Jeff McNeil Austin Jackson
Robby Sabo, ESNY Graphic, Getty Images

Ricky Keeler

As the rosters now shift to 40 players in September, let’s take a look back at the month of August for the New York Mets.

When you look back to the month of August for the New York Mets, it was one of their better months of the year. They were 15-15, which is the first time the organization had a record of .500 or better since April (15-9).

On offense, the Mets were surprisingly one of the better teams in all of baseball. They had 271 hits, which was the most in the big leagues. Plus, they had ten triples (led the league) and they scored the fourth most runs behind the St. Louis Cardinals, New York Yankees and Boston Red Sox.

Of course, it helps when you score 24 runs in a game like the Mets did on August 16 against the Philadelphia Phillies. With that being said, for an offense that has struggled to find any consistency for the bulk of the year, those numbers are quite an accomplishment.

On the mound, the Mets had a 3.58 ERA as a team, which was middle of the pack in the National League (eighth). In terms of strikeouts, their 266 K’s were the second most in the NL and just one behind the Atlanta Braves. This comes despite allowing the second most hits in the NL (253).

With the rosters now expanded, let’s take a look back at the month of August by looking at the players that stood out, surprised, and disappointed. Be sure to send us your picks in the comment section below:

Hitter Of The Month: 2B Jeff McNeil

When the New York Mets made the decision to trade Asdrubal Cabrera, it opened up second base for Jeff McNeil, who was having a good year at Double-A Binghamton and Triple-A Las Vegas. If anything, McNeill proved in August that he should have been up to the big leagues sooner.

In 29 games, McNeil had a slash line of.330/.373/.476 with a home run and eight RBIs. While he is not a run-producer in this offense, His 34 hits were tied for the most on the team with Austin Jackson. Out of those 34 hits, 10 of them were for extra bases, including six doubles and three triples.

Another impressive stat about McNeil’s month is that he is the most reliable hitter on the team in terms of consistently making contact. In 103 at-bats in August, he only struck out eight times.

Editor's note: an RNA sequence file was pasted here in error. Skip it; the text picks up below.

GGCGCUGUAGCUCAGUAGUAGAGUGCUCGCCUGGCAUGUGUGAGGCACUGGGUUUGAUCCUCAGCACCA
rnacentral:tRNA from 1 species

While it is not clear whether or not McNeil would be the second baseman of the future in Flushing, he is at least playing his way onto the 2019 roster, whether it be as a starter or coming off the bench. There is always a spot near the top of the order for someone that can put the ball in play constantly.

Pitcher Of The Month: Zack Wheeler

While Wheeler and Jacob deGrom should split this award, Wheeler deserves some love here because deGrom wins the award every month. The Mets decided to hold onto Wheeler at the deadline and it has paid off in a big way.

In six August starts, Wheeler was 4-1 with a 1.13 ERA, struck out 43 batters and walked eight over 40 innings while holding hitters to a .193 batting average. In five of his six starts, the 28-year-old right-hander went seven innings.

Wheeler’s fastball gets all of the attention, but his breaking ball was one of his key pitches in August. According to Brooks Baseball, teams only hit .111 against that pitch with one extra-base hit (double) and 13 strikeouts.

Of course, deGrom deserves the attention as he tries to push for a Cy Young award. He went 3-2 with a 1.24 ERA in six starts. In 43.2 innings, he struck out 60 batters while only walking nine. His 60 K’s were seven more than any pitcher in the major leagues.

With deGrom and Wheeler at the top of the rotation, the Mets have the chance to play spoiler in September and play a factor in the NL East race.

New York Mets
(Bruno Rouby, ESNY Graphic, Getty Images)

Biggest Surprise: OF Austin Jackson

When the Mets signed Jackson in July, he was supposed to be nothing more than a fourth outfielder. Brandon Nimmo had to go on the disabled list, so Jackson got more playing time and he took full advantage of it.

In 30 games, the veteran had a slash line of .304/.350/.402 with a home run and 11 RBIs. Out of his 34 hits, six of them were for doubles and he also had one triple. Jackon hasn’t had an extra-base hit in the last ten games. With that being said, a change of scenery has helped his game in his short tenure in New York.

If there was one problem with Jackson’s month, it would be the high strikeout total. He had 38 strikeouts in 112 at-bats. The only player who had more K’s in August was Michael Conforto with 42.

Despite the strikeouts, Jackson has given himself a chance to play in September now that Jose Bautista is in Philadelphia. He isn’t part of the Mets future, but it is good to see him play well after a rough beginning to the season with the San Francisco Giants.

Biggest Disappointment: C Devin Mesoraco

Mesoraco was one of the surprises for the Mets in the early portion of the season after they traded for him in the Matt Harvey deal. August was one of those months that he would probably want to forget.

Yes, he battled some injuries in August including some neck stiffness. However, he only hit .114 in 11 games with a pair of solo home runs and an on-base percentage of .244. Despite the low batting average, he did only strike out six times in 35 at-bats.

The catcher of the future is still up in the air in the Mets organization. Tomas Nido will get his chances in September along with Kevin Plawecki, but nothing is set in stone at that position.

While he has done a good job catching the pitchers and won’t hit for a high average, the Mets could use Mesoraco’s power to help out at the bottom of the lineup.

I graduated from St. John's University with a degree in sports management. I previously wrote about the Johnnies at Rumble In the Garden.